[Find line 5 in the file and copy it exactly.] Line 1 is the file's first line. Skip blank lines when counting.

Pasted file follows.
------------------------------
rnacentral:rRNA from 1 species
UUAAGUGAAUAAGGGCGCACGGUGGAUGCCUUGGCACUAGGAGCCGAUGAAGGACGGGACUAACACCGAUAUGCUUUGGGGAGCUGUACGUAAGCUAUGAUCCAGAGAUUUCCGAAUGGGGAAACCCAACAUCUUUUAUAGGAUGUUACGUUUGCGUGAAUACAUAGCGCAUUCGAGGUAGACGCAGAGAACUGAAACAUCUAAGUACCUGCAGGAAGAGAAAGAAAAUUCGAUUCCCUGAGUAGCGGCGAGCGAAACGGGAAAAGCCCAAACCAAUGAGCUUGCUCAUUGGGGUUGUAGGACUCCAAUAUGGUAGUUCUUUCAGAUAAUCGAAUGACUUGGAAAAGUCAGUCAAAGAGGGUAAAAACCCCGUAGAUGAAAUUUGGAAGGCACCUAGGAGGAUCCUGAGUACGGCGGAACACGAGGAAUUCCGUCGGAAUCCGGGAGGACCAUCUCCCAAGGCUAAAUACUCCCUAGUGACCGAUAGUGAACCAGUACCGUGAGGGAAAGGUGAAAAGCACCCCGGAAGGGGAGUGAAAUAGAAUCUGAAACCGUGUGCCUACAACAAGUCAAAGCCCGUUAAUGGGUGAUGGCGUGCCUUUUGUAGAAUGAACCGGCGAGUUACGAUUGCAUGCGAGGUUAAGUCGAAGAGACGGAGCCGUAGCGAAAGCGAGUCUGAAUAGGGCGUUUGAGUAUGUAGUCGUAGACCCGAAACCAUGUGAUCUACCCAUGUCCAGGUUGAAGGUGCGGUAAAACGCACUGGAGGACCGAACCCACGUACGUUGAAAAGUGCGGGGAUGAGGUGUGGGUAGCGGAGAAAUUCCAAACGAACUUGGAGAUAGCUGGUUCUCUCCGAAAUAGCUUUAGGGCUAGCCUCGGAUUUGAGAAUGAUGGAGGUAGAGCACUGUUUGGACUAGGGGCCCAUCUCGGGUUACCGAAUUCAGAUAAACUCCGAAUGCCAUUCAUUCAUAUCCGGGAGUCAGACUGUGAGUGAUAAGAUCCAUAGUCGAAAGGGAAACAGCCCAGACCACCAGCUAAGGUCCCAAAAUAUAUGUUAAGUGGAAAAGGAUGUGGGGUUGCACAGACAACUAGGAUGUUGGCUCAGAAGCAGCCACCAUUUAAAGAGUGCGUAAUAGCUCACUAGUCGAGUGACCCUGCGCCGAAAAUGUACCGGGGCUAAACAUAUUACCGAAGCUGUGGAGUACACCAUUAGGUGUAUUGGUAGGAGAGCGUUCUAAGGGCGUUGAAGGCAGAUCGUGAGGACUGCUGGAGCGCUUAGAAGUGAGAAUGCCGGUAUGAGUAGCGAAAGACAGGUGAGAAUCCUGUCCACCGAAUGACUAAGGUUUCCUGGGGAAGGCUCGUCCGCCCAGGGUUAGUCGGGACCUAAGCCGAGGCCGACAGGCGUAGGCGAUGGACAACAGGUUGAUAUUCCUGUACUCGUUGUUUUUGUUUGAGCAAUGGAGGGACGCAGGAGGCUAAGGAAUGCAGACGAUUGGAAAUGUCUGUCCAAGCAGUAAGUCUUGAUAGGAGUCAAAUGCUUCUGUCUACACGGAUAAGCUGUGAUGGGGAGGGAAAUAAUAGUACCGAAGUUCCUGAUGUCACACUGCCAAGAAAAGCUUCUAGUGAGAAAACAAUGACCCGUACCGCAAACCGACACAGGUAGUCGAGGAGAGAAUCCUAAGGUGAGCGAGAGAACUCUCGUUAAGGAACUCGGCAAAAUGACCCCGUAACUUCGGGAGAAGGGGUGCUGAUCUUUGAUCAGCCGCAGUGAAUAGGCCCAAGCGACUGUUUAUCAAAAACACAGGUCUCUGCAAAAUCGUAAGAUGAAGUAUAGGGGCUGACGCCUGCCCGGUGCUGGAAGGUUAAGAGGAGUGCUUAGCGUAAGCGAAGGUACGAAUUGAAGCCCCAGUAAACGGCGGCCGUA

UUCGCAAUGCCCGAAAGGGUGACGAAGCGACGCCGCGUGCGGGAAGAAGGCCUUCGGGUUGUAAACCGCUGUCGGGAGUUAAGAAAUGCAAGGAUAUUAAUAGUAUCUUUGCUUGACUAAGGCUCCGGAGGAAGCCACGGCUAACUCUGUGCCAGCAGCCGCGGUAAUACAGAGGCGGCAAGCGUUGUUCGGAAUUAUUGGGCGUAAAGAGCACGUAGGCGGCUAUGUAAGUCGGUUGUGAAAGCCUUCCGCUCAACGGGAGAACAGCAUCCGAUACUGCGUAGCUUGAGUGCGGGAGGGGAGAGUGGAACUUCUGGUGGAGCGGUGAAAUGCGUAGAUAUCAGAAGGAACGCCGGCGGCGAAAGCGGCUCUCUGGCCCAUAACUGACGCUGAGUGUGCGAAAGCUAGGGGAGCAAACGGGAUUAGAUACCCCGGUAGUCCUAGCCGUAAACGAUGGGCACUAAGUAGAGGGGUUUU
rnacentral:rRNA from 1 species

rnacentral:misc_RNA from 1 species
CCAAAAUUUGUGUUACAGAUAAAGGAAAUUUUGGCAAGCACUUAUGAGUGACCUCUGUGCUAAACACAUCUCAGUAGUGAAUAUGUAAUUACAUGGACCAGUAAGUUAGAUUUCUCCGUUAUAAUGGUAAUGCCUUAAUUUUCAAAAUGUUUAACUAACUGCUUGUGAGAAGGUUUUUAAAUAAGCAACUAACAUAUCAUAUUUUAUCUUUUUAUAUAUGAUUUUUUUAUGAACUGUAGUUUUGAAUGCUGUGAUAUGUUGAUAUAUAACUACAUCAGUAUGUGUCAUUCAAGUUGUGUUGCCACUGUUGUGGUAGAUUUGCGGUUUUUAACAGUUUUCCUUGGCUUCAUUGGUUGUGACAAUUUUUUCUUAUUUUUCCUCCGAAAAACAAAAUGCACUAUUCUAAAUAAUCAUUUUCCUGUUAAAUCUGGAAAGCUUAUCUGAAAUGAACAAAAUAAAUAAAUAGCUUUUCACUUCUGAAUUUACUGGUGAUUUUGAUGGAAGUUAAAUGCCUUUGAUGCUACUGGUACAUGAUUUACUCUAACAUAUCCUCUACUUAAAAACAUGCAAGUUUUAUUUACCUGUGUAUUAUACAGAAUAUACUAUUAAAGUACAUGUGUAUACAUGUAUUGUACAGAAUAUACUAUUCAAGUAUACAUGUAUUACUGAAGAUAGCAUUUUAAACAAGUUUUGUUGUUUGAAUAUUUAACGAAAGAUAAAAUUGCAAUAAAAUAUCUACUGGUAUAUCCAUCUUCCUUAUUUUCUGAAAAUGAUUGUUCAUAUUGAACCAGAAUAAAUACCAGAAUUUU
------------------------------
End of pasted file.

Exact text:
rnacentral:misc_RNA from 1 species